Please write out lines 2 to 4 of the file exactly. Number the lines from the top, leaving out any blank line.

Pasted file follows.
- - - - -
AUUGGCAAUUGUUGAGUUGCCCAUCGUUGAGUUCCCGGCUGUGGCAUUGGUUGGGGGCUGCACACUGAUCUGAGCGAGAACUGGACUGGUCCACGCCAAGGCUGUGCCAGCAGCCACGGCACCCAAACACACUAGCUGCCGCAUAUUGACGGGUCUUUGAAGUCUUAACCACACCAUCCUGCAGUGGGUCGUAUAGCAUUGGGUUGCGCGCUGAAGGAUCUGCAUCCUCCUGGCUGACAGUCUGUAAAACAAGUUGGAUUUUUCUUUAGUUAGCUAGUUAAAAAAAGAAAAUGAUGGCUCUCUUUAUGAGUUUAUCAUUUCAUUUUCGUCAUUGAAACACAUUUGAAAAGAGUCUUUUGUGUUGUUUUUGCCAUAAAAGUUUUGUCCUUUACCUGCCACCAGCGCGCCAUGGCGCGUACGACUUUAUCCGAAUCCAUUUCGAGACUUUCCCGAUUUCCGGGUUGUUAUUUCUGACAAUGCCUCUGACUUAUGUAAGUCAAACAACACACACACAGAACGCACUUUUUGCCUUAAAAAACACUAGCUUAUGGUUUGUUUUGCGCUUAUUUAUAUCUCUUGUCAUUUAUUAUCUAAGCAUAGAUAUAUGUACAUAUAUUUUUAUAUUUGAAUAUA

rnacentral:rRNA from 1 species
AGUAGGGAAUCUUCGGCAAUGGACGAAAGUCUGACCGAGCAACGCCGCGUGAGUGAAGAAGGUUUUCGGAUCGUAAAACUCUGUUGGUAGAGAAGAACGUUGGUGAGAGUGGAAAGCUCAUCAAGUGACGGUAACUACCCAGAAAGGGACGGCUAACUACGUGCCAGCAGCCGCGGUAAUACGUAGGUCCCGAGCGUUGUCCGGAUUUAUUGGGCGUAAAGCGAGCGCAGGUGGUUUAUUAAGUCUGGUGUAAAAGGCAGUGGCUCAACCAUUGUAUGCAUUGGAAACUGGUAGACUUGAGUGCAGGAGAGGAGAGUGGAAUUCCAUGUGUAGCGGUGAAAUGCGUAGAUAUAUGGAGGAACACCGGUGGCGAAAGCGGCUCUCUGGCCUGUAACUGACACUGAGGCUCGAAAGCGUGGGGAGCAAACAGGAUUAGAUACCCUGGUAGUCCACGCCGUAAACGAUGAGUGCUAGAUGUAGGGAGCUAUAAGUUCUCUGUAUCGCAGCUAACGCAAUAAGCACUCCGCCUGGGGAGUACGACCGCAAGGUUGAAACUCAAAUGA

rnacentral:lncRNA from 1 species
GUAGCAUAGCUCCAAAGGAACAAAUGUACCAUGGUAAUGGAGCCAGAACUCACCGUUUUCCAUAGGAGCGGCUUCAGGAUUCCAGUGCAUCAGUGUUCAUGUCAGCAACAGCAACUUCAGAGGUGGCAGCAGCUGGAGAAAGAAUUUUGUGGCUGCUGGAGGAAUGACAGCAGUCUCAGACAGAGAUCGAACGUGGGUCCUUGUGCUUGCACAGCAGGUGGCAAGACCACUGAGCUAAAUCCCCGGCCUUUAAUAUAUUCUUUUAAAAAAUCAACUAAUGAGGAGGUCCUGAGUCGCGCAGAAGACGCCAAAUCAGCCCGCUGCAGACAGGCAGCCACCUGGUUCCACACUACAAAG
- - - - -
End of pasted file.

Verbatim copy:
rnacentral:rRNA from 1 species
AGUAGGGAAUCUUCGGCAAUGGACGAAAGUCUGACCGAGCAACGCCGCGUGAGUGAAGAAGGUUUUCGGAUCGUAAAACUCUGUUGGUAGAGAAGAACGUUGGUGAGAGUGGAAAGCUCAUCAAGUGACGGUAACUACCCAGAAAGGGACGGCUAACUACGUGCCAGCAGCCGCGGUAAUACGUAGGUCCCGAGCGUUGUCCGGAUUUAUUGGGCGUAAAGCGAGCGCAGGUGGUUUAUUAAGUCUGGUGUAAAAGGCAGUGGCUCAACCAUUGUAUGCAUUGGAAACUGGUAGACUUGAGUGCAGGAGAGGAGAGUGGAAUUCCAUGUGUAGCGGUGAAAUGCGUAGAUAUAUGGAGGAACACCGGUGGCGAAAGCGGCUCUCUGGCCUGUAACUGACACUGAGGCUCGAAAGCGUGGGGAGCAAACAGGAUUAGAUACCCUGGUAGUCCACGCCGUAAACGAUGAGUGCUAGAUGUAGGGAGCUAUAAGUUCUCUGUAUCGCAGCUAACGCAAUAAGCACUCCGCCUGGGGAGUACGACCGCAAGGUUGAAACUCAAAUGA

rnacentral:lncRNA from 1 species